GOWANUS — Gowanus' growing business community is taking action on crime prevention and launching a more active relationship with cops in the wake of a recent gunpoint robbery.
Police are still investigating the crime, which happened at 4:30 p.m. on Thanksgiving, as Emily Elsen, co-owner of pie shop Four & Twenty Blackbirds on Eighth Street and Third Avenue, was locking up for the day.
When she got into her car, a young man with a gun appeared at her driver side window, opened the door and robbed her of her cell phone and laptop, Elsen told DNAinfo. He was with two accomplices, she said.
The brazen daytime robbery sent shockwaves through the neighborhood, where violent crime is relatively rare. Last week local merchants, residents and officials sat down with cops to get an update on the incident and learn about what they can do to address crime.
Concerned merchants quizzed Deputy Inspector Michael Ameri, commanding officer of the 78th Precinct, on how to protect themselves.
"As people were sitting down to their Thanksgiving dinners, outside on the street somebody was pulling a gun on one of our neighbors," said resident Julius Lang of the Eighth Street Block Association, who helped organize the meeting.
No arrests have been made in the robbery and police are still investigating, Ameri said. He reassured the group that major crime overall is down this year in the 78th Precinct, which covers Park Slope, Prospect Park, the Barclays Center and Gowanus. Robberies have dropped by 9.6 percent in 2012; 160 have been reported this year, compared with 177 in 2011, according to the NYPD.
"The good news is, we haven't had an incident similar to it," Ameri said. "It's not a chronic problem."
He advised businesses to get a free security evaluation from the precinct's Community Affairs officers, who will look at windows, doors and locks and suggest improvements.
Ameri also suggested that locals call 311 to report non-emergency problems that need police attention. He said he reviews 311 data each week to spot trends in the neighborhood, then assigns patrols based on that information.
"It really is beneficial to me in terms of allocating my resources," Ameri said.
Paul Basile, founder of the neighborhood group the Gowanus Alliance, said he'd like to see more officers on the street to address ongoing problems like prostitution on Third Avenue. Elsen said she'd like more police presence too, but also noted that an officer from the 78th Precinct had checked in on her shop just hours before the Thanksgiving robbery.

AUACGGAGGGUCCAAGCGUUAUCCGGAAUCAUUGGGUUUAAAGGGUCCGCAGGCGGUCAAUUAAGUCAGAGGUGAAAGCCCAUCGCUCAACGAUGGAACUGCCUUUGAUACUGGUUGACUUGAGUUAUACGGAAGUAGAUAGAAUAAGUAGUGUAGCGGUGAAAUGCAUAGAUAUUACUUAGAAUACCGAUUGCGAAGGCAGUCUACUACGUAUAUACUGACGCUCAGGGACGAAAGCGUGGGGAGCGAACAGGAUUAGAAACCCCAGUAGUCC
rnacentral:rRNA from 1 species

The meeting between cops and Gowanus locals included about a dozen business owners, some of whom were newer arrivals to the neighborhood such as Fletcher's Brooklyn Barbecue and Brooklyn Homebrew. It was held at Halyards, a bar that opened in 2011.
The session could be the beginning of more formal attempts to organize Gowanus' growing community of small business owners, which doesn't have a BID or official group to represent its interests.
Ameri apologized that it was his first official visit to Gowanus since taking the reins at the 78th Precinct a year ago, but he pointed out that no neighborhood group had invited him to visit. He said he has a direct line of communication with other parts of his precinct through groups like the Fifth Avenue BID, and Park Slope Parents, which has some 4,700 members.
Representatives from those groups often attend the precinct's monthly Community Council meetings, Ameri said, and he invited Gowanus locals to the meetings as well.
Basile, who formed the Gowanus Alliance in 2011 to tackle quality of life issues in the neighborhood, said he could serve as representative to funnel citizen concerns to the police.
"Gowanus is great, it's vibrant," Basile said. "We have all these new businesses, and we want the businesses to know they're going to be safe if they come here."